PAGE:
History of the Weird Utopia Roadtown Part 2

About the history of the weird utopia Roadtown designed by Edgar Chambless a strange train-like community.


The two-story houses would be built of fire-proof, verminproof poured concrete, by means of a process invented by Edison and donated to Roadtown. Living quarters on the second floor would have: a buzzer which, when "on," would announce approaching trains; thermostats (then "in general use in thousands of first-class hotels") to control centrally supplied hot-water heat; cool-water or brine air-conditioning; pure drinking water piped separately from that used for bathing; a shower in each bedroom; a vacuum cleaner hookup to central suction; disinfecting gas; electric lights and power; a telephone; a Dictograph and/or telegraphone (ideas foreshadowing radio) to bring music, sermons, and lectures into the home; and bedding that aired in a closet during the day, and swung out and onto the bed at night. All this would free women, who, Chambless felt, were being brainwashed into becoming household servants by society's reverence for the "homely virtues," by the association of the "scouring of a brass kettle with the instinct of motherhood," and by the "enshrining of the dishrag and broom."

Cooking would be done in cooperative kitchens and shipped into the home on order through the ever-ready transportation system below; at the end of the meal, dishes and linen could be put into a paraffined carrier and dropped down a chute for delivery to a large, machine-equipped dishwashing establishment.

The street-level workroom (convertible to sun parlor, "palm garden," playroom, or living room) could serve as a place for renters to ply their trades--the making of clothing, artificial flowers, and other light manufactures. Raw materials could be bought and the finished product sold through cooperatives, though each individual would have the option of selling his products on his own. Machinery would be rented from the Roadtown corporation at a cost just high enough to cover maintenance and eventual replacement. Finished products might be dropped through a trapdoor onto a slow pickup car on a track below. This system would enable people to switch jobs (the husband could work while the wife gardened, then the wife work while the husband gardened) and to schedule their own working hours.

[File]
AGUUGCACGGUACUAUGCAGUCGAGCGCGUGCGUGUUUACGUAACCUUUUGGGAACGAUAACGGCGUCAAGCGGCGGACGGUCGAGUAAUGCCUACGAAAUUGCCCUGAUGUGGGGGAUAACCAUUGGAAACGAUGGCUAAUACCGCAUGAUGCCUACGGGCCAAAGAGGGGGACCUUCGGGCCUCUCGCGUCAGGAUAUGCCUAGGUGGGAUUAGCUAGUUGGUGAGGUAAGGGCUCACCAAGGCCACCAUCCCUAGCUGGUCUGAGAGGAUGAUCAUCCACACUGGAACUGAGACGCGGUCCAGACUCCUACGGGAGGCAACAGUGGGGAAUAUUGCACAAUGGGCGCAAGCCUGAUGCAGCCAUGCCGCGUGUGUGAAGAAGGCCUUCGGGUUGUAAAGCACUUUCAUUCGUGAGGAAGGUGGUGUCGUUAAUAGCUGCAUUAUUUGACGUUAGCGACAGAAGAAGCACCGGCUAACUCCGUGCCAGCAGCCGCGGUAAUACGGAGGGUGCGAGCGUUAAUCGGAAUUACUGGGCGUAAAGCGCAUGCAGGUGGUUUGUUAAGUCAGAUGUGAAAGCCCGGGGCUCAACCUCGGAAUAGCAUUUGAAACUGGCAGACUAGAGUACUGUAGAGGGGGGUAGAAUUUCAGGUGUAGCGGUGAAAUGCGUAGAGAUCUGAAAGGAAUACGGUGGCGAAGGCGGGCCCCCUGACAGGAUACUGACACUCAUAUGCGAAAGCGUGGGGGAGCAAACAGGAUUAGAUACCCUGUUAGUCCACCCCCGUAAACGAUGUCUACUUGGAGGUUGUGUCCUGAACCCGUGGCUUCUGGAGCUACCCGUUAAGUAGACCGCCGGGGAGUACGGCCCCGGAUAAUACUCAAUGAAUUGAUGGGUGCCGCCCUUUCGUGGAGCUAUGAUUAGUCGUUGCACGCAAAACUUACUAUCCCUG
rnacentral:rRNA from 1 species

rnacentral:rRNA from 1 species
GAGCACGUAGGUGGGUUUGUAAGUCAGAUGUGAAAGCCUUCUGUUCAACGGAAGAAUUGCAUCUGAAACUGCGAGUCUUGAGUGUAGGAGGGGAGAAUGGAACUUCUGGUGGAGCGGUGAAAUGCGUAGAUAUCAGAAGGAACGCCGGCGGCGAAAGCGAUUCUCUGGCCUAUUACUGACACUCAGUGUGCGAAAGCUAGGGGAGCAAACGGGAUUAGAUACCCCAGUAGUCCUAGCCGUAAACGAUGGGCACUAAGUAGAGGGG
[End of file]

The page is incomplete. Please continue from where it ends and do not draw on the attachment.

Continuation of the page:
Work that could not conveniently be done in these small workrooms might be performed in cooperative factories, also located in Roadtown, under a system whereby everything would be organized and decided by the workers--election of foremen, division of profits among individuals, and buying and selling (probably through a central agency). Said Chambless: "... it will sift out the indolent and place them at the bottom of the scale of life's good things ... it will abolish machine-men, factory and sweat shops, and child labor and woman's economic dependence on man that makes her a sexual slave...." (Chambless often sounds to the modern ear like an improbable mix of right-winger and radical.)

If they wanted to, nearby farmers could live in Roadtown. Fields and farm buildings would border Roadtown in a narrow strip only a couple of miles wide--with vegetable gardens close in, orchards and dairy barns further out, and forests on the outer edge. Farm tools might be cooperatively owned. Produce would move directly into the Roadtown transportation-distribution line, eliminating many middlemen. (For example, milk could go directly to the Roadtown creamery, then to the cooperative kitchens, then to the consumer.)

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